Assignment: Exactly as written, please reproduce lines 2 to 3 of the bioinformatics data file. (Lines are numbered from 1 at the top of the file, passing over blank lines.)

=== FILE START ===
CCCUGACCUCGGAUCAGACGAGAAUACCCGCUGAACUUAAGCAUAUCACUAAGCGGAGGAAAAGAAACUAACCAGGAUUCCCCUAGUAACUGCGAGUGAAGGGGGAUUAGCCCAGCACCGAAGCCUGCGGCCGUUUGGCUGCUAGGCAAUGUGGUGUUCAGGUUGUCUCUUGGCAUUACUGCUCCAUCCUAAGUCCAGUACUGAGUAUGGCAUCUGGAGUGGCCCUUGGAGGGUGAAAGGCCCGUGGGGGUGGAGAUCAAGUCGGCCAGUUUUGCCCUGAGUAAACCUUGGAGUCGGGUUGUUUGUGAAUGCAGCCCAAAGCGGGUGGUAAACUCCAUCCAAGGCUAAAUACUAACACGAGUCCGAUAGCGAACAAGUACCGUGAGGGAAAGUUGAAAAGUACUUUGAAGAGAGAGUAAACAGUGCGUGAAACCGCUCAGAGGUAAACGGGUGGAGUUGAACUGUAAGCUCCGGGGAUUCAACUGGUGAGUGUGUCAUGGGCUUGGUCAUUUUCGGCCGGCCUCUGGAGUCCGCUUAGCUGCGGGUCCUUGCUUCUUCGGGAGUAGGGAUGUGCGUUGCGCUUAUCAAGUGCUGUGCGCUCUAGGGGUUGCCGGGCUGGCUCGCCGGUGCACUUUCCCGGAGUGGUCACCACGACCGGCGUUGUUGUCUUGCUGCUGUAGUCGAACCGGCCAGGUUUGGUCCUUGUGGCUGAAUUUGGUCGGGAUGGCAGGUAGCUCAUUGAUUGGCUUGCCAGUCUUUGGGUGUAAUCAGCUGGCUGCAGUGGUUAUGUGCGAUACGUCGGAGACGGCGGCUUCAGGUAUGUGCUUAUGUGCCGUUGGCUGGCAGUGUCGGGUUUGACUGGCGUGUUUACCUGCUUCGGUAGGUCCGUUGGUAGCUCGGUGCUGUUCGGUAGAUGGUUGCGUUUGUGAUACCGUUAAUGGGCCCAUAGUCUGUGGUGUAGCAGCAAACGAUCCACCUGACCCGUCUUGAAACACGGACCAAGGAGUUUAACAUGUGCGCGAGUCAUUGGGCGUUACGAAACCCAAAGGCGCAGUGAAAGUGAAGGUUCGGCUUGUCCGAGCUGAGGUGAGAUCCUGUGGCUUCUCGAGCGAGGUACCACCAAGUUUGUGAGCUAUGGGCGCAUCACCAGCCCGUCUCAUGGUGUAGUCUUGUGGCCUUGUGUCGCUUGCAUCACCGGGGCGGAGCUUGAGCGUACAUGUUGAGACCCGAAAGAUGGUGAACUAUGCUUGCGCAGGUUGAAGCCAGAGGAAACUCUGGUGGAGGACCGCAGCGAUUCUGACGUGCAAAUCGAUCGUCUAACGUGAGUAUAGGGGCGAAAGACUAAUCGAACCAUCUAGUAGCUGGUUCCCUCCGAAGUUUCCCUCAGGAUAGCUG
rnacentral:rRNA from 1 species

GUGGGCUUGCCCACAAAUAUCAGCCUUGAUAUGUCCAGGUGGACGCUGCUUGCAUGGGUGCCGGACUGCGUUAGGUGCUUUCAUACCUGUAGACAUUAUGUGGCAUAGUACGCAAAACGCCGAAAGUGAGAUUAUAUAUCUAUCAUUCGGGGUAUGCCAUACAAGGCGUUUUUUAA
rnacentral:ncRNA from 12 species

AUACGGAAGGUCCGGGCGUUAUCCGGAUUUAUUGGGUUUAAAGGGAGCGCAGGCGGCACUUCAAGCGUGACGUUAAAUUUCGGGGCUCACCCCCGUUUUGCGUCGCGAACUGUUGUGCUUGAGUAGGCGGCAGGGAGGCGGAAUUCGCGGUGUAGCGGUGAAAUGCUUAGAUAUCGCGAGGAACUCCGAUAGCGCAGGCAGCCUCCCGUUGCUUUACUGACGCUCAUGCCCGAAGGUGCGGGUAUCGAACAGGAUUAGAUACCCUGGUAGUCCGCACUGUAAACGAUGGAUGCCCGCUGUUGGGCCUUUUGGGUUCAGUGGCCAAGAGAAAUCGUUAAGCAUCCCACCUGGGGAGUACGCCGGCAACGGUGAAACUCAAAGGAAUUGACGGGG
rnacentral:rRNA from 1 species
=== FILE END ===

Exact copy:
rnacentral:rRNA from 1 species

GUGGGCUUGCCCACAAAUAUCAGCCUUGAUAUGUCCAGGUGGACGCUGCUUGCAUGGGUGCCGGACUGCGUUAGGUGCUUUCAUACCUGUAGACAUUAUGUGGCAUAGUACGCAAAACGCCGAAAGUGAGAUUAUAUAUCUAUCAUUCGGGGUAUGCCAUACAAGGCGUUUUUUAA